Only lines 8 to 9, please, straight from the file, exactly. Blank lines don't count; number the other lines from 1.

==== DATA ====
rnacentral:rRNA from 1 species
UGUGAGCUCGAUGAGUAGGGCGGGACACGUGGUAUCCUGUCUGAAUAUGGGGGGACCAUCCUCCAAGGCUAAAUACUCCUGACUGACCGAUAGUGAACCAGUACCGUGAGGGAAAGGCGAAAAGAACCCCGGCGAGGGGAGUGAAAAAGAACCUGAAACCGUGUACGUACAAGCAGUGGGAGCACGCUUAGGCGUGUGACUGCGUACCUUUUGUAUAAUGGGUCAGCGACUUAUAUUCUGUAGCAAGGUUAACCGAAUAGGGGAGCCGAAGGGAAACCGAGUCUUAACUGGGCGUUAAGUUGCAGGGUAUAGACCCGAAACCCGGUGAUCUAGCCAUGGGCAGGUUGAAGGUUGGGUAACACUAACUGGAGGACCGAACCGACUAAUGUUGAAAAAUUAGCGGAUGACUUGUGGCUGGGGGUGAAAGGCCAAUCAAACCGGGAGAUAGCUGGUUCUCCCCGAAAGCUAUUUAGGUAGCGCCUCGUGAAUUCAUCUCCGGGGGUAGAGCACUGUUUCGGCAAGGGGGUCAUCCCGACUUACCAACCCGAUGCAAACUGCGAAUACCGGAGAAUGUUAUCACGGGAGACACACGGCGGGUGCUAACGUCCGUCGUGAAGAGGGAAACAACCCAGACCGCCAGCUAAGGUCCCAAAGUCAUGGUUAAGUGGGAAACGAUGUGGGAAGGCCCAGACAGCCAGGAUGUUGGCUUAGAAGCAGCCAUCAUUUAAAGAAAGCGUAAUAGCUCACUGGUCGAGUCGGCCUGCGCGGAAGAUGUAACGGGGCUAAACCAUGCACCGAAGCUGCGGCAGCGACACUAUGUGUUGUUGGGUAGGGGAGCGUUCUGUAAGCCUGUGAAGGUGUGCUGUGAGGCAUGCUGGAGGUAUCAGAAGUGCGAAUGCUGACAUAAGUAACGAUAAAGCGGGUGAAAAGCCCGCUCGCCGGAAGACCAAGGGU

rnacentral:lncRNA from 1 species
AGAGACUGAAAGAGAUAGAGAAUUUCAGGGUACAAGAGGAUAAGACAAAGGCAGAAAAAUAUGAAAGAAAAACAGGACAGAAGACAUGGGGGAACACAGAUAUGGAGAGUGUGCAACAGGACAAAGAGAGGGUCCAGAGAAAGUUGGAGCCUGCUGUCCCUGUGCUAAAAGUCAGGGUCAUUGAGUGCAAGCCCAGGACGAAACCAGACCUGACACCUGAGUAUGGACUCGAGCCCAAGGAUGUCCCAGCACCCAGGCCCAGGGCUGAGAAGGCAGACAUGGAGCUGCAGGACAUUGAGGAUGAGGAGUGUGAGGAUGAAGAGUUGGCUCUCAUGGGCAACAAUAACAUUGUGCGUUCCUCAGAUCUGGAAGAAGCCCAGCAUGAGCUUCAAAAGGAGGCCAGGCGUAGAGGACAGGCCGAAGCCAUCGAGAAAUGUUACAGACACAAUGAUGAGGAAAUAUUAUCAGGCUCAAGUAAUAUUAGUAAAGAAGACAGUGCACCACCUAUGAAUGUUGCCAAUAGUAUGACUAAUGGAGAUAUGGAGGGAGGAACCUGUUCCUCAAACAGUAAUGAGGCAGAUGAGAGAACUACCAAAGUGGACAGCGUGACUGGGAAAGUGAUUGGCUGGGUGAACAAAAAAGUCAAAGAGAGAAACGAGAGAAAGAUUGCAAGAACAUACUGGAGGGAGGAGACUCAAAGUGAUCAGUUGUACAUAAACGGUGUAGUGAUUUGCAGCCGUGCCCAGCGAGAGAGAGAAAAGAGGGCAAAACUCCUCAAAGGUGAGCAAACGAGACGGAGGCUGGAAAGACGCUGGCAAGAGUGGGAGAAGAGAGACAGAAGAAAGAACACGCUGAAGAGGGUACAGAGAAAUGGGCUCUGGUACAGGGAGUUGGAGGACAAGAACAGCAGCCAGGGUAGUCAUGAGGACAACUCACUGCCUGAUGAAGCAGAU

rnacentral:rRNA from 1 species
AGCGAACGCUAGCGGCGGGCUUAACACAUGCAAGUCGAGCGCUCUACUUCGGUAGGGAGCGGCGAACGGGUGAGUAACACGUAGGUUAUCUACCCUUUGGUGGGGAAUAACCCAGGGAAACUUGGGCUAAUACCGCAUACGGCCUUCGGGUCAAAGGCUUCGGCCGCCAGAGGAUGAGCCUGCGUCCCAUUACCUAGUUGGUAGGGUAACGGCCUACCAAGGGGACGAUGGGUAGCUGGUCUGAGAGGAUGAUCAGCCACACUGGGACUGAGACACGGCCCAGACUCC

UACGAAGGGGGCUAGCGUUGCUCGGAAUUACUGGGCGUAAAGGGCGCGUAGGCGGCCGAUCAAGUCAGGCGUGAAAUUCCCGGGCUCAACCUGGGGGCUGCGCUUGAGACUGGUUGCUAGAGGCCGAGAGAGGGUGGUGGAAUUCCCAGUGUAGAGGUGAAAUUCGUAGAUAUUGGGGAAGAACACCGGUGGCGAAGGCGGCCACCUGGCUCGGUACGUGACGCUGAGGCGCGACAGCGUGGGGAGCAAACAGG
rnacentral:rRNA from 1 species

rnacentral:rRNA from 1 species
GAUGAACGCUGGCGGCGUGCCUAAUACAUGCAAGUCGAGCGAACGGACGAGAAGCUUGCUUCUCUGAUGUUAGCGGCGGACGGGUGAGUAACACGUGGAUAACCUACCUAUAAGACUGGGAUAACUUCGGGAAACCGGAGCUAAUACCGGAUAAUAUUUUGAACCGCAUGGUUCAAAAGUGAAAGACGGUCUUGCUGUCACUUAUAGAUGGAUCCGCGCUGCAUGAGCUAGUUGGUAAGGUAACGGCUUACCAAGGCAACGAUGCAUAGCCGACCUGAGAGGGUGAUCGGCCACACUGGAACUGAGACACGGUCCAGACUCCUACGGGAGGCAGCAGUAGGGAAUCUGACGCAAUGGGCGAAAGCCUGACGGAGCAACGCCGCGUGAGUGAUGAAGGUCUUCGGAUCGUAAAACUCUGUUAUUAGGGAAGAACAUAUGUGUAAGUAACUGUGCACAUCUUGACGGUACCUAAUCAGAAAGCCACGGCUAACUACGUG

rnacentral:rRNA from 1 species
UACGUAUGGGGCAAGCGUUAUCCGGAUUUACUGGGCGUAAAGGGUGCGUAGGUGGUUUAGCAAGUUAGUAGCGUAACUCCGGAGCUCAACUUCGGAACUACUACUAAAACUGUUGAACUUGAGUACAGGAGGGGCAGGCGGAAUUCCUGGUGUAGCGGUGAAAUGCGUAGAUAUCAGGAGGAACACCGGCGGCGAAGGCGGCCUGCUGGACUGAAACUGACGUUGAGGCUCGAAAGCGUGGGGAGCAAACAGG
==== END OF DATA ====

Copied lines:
rnacentral:rRNA from 1 species

rnacentral:rRNA from 1 species